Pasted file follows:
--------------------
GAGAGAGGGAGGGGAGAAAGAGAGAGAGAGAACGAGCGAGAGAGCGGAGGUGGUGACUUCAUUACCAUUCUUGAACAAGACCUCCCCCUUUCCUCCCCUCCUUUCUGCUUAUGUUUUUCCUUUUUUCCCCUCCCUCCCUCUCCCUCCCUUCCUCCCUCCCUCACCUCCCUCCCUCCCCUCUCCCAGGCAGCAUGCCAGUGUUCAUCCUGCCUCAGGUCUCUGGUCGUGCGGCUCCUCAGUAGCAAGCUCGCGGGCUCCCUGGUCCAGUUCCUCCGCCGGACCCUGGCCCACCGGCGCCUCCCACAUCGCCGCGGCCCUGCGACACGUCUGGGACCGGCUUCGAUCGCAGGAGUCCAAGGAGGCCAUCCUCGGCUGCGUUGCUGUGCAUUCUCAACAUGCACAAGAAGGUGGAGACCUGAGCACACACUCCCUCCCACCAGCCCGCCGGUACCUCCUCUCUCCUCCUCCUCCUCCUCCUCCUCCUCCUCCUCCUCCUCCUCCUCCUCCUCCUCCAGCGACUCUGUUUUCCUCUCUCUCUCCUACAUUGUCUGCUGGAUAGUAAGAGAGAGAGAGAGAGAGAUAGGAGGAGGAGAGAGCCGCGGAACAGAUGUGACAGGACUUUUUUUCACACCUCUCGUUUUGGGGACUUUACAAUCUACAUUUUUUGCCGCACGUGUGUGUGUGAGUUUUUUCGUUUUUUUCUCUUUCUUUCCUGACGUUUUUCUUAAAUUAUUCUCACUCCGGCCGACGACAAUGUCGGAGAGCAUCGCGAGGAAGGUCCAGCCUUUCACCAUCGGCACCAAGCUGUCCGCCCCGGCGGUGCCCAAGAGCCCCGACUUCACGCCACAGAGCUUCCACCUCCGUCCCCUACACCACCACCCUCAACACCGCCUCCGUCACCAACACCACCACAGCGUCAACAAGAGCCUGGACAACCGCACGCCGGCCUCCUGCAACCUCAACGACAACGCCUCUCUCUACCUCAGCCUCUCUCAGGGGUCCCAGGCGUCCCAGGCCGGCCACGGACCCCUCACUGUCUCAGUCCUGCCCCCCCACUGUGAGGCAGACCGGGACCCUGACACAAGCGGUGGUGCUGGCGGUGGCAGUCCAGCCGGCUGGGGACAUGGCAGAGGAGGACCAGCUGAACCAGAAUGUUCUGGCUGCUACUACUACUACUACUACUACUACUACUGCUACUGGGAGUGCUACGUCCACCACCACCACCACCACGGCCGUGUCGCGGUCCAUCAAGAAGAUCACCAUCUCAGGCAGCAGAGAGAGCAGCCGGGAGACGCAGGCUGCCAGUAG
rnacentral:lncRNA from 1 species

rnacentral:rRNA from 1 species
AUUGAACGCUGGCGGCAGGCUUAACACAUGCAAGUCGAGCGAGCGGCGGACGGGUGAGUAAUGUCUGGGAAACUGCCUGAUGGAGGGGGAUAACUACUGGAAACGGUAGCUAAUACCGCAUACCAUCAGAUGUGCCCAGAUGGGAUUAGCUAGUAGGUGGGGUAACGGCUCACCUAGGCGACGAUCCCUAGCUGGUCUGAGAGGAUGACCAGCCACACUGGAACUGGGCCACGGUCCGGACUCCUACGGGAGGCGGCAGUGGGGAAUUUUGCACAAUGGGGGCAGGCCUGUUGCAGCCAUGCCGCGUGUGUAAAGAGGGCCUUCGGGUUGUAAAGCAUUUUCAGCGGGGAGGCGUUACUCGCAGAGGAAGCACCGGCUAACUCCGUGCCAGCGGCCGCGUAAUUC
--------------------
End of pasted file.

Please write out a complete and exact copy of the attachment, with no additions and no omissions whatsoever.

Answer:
GAGAGAGGGAGGGGAGAAAGAGAGAGAGAGAACGAGCGAGAGAGCGGAGGUGGUGACUUCAUUACCAUUCUUGAACAAGACCUCCCCCUUUCCUCCCCUCCUUUCUGCUUAUGUUUUUCCUUUUUUCCCCUCCCUCCCUCUCCCUCCCUUCCUCCCUCCCUCACCUCCCUCCCUCCCCUCUCCCAGGCAGCAUGCCAGUGUUCAUCCUGCCUCAGGUCUCUGGUCGUGCGGCUCCUCAGUAGCAAGCUCGCGGGCUCCCUGGUCCAGUUCCUCCGCCGGACCCUGGCCCACCGGCGCCUCCCACAUCGCCGCGGCCCUGCGACACGUCUGGGACCGGCUUCGAUCGCAGGAGUCCAAGGAGGCCAUCCUCGGCUGCGUUGCUGUGCAUUCUCAACAUGCACAAGAAGGUGGAGACCUGAGCACACACUCCCUCCCACCAGCCCGCCGGUACCUCCUCUCUCCUCCUCCUCCUCCUCCUCCUCCUCCUCCUCCUCCUCCUCCUCCUCCUCCUCCAGCGACUCUGUUUUCCUCUCUCUCUCCUACAUUGUCUGCUGGAUAGUAAGAGAGAGAGAGAGAGAGAUAGGAGGAGGAGAGAGCCGCGGAACAGAUGUGACAGGACUUUUUUUCACACCUCUCGUUUUGGGGACUUUACAAUCUACAUUUUUUGCCGCACGUGUGUGUGUGAGUUUUUUCGUUUUUUUCUCUUUCUUUCCUGACGUUUUUCUUAAAUUAUUCUCACUCCGGCCGACGACAAUGUCGGAGAGCAUCGCGAGGAAGGUCCAGCCUUUCACCAUCGGCACCAAGCUGUCCGCCCCGGCGGUGCCCAAGAGCCCCGACUUCACGCCACAGAGCUUCCACCUCCGUCCCCUACACCACCACCCUCAACACCGCCUCCGUCACCAACACCACCACAGCGUCAACAAGAGCCUGGACAACCGCACGCCGGCCUCCUGCAACCUCAACGACAACGCCUCUCUCUACCUCAGCCUCUCUCAGGGGUCCCAGGCGUCCCAGGCCGGCCACGGACCCCUCACUGUCUCAGUCCUGCCCCCCCACUGUGAGGCAGACCGGGACCCUGACACAAGCGGUGGUGCUGGCGGUGGCAGUCCAGCCGGCUGGGGACAUGGCAGAGGAGGACCAGCUGAACCAGAAUGUUCUGGCUGCUACUACUACUACUACUACUACUACUACUGCUACUGGGAGUGCUACGUCCACCACCACCACCACCACGGCCGUGUCGCGGUCCAUCAAGAAGAUCACCAUCUCAGGCAGCAGAGAGAGCAGCCGGGAGACGCAGGCUGCCAGUAG
rnacentral:lncRNA from 1 species

rnacentral:rRNA from 1 species
AUUGAACGCUGGCGGCAGGCUUAACACAUGCAAGUCGAGCGAGCGGCGGACGGGUGAGUAAUGUCUGGGAAACUGCCUGAUGGAGGGGGAUAACUACUGGAAACGGUAGCUAAUACCGCAUACCAUCAGAUGUGCCCAGAUGGGAUUAGCUAGUAGGUGGGGUAACGGCUCACCUAGGCGACGAUCCCUAGCUGGUCUGAGAGGAUGACCAGCCACACUGGAACUGGGCCACGGUCCGGACUCCUACGGGAGGCGGCAGUGGGGAAUUUUGCACAAUGGGGGCAGGCCUGUUGCAGCCAUGCCGCGUGUGUAAAGAGGGCCUUCGGGUUGUAAAGCAUUUUCAGCGGGGAGGCGUUACUCGCAGAGGAAGCACCGGCUAACUCCGUGCCAGCGGCCGCGUAAUUC